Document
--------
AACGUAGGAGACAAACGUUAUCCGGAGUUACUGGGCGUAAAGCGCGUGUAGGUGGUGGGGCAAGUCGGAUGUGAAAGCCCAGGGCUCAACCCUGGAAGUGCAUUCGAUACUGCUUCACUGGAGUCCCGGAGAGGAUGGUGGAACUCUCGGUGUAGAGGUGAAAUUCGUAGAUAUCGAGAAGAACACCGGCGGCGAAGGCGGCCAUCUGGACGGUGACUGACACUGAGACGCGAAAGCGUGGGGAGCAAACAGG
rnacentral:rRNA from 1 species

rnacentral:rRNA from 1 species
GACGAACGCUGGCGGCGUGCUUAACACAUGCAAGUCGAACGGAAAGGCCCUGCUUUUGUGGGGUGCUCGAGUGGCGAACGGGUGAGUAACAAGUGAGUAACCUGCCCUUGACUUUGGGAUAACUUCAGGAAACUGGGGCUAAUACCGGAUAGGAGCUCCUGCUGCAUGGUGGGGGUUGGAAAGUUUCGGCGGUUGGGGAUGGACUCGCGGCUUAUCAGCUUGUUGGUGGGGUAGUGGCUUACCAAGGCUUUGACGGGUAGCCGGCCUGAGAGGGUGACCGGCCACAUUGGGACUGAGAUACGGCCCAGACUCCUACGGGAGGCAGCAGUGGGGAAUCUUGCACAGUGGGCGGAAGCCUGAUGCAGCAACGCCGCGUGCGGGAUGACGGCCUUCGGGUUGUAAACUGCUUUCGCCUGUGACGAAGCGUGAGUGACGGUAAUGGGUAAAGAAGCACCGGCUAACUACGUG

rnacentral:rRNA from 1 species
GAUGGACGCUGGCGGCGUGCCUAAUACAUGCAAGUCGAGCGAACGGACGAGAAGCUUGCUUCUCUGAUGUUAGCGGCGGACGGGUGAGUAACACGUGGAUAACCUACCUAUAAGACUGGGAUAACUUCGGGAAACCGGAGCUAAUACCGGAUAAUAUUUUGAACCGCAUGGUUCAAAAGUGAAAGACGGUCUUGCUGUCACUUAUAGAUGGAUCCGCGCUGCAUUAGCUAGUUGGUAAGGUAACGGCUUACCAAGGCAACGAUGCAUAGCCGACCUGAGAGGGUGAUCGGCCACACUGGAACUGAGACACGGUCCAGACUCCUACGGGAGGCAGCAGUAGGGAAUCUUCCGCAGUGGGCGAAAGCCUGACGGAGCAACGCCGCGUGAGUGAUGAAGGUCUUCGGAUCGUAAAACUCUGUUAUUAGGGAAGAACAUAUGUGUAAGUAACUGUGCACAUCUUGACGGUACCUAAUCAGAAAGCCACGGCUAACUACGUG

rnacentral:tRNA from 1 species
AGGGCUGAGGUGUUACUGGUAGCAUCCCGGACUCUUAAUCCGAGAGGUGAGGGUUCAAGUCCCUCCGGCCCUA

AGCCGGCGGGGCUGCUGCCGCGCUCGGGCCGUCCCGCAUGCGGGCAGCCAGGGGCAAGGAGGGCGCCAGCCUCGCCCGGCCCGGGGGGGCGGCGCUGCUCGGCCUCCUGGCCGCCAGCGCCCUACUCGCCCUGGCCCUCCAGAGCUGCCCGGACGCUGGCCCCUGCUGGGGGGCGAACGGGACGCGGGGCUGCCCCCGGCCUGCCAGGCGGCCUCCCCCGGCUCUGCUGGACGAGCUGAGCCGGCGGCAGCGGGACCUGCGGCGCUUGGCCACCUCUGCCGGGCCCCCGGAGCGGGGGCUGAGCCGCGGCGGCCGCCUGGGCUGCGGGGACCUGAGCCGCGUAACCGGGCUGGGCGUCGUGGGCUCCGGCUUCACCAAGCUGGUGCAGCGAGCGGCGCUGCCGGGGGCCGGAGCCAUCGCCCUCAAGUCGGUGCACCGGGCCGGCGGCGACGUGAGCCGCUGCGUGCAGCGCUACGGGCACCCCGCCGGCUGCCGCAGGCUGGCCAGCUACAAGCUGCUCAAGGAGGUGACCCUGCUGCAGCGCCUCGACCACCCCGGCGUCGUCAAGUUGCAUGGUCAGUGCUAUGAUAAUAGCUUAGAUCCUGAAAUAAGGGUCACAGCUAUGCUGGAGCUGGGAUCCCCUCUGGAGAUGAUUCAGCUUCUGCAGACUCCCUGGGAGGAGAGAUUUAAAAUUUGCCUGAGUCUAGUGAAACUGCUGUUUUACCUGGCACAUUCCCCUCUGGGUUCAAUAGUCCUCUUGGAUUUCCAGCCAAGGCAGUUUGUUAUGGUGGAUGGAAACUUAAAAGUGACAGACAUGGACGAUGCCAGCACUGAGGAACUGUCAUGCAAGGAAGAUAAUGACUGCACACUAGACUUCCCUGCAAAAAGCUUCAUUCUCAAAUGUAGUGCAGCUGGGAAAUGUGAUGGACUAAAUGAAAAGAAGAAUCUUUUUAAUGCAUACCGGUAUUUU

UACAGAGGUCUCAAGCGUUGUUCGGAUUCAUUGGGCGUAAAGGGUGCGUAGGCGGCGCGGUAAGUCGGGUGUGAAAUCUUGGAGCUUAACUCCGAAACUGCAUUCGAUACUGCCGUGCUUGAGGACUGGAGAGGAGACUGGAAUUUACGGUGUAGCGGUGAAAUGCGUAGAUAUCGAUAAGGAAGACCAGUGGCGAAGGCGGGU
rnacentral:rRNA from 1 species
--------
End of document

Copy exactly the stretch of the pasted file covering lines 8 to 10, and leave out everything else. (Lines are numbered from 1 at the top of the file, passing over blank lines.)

AGGGCUGAGGUGUUACUGGUAGCAUCCCGGACUCUUAAUCCGAGAGGUGAGGGUUCAAGUCCCUCCGGCCCUA

AGCCGGCGGGGCUGCUGCCGCGCUCGGGCCGUCCCGCAUGCGGGCAGCCAGGGGCAAGGAGGGCGCCAGCCUCGCCCGGCCCGGGGGGGCGGCGCUGCUCGGCCUCCUGGCCGCCAGCGCCCUACUCGCCCUGGCCCUCCAGAGCUGCCCGGACGCUGGCCCCUGCUGGGGGGCGAACGGGACGCGGGGCUGCCCCCGGCCUGCCAGGCGGCCUCCCCCGGCUCUGCUGGACGAGCUGAGCCGGCGGCAGCGGGACCUGCGGCGCUUGGCCACCUCUGCCGGGCCCCCGGAGCGGGGGCUGAGCCGCGGCGGCCGCCUGGGCUGCGGGGACCUGAGCCGCGUAACCGGGCUGGGCGUCGUGGGCUCCGGCUUCACCAAGCUGGUGCAGCGAGCGGCGCUGCCGGGGGCCGGAGCCAUCGCCCUCAAGUCGGUGCACCGGGCCGGCGGCGACGUGAGCCGCUGCGUGCAGCGCUACGGGCACCCCGCCGGCUGCCGCAGGCUGGCCAGCUACAAGCUGCUCAAGGAGGUGACCCUGCUGCAGCGCCUCGACCACCCCGGCGUCGUCAAGUUGCAUGGUCAGUGCUAUGAUAAUAGCUUAGAUCCUGAAAUAAGGGUCACAGCUAUGCUGGAGCUGGGAUCCCCUCUGGAGAUGAUUCAGCUUCUGCAGACUCCCUGGGAGGAGAGAUUUAAAAUUUGCCUGAGUCUAGUGAAACUGCUGUUUUACCUGGCACAUUCCCCUCUGGGUUCAAUAGUCCUCUUGGAUUUCCAGCCAAGGCAGUUUGUUAUGGUGGAUGGAAACUUAAAAGUGACAGACAUGGACGAUGCCAGCACUGAGGAACUGUCAUGCAAGGAAGAUAAUGACUGCACACUAGACUUCCCUGCAAAAAGCUUCAUUCUCAAAUGUAGUGCAGCUGGGAAAUGUGAUGGACUAAAUGAAAAGAAGAAUCUUUUUAAUGCAUACCGGUAUUUU

UACAGAGGUCUCAAGCGUUGUUCGGAUUCAUUGGGCGUAAAGGGUGCGUAGGCGGCGCGGUAAGUCGGGUGUGAAAUCUUGGAGCUUAACUCCGAAACUGCAUUCGAUACUGCCGUGCUUGAGGACUGGAGAGGAGACUGGAAUUUACGGUGUAGCGGUGAAAUGCGUAGAUAUCGAUAAGGAAGACCAGUGGCGAAGGCGGGU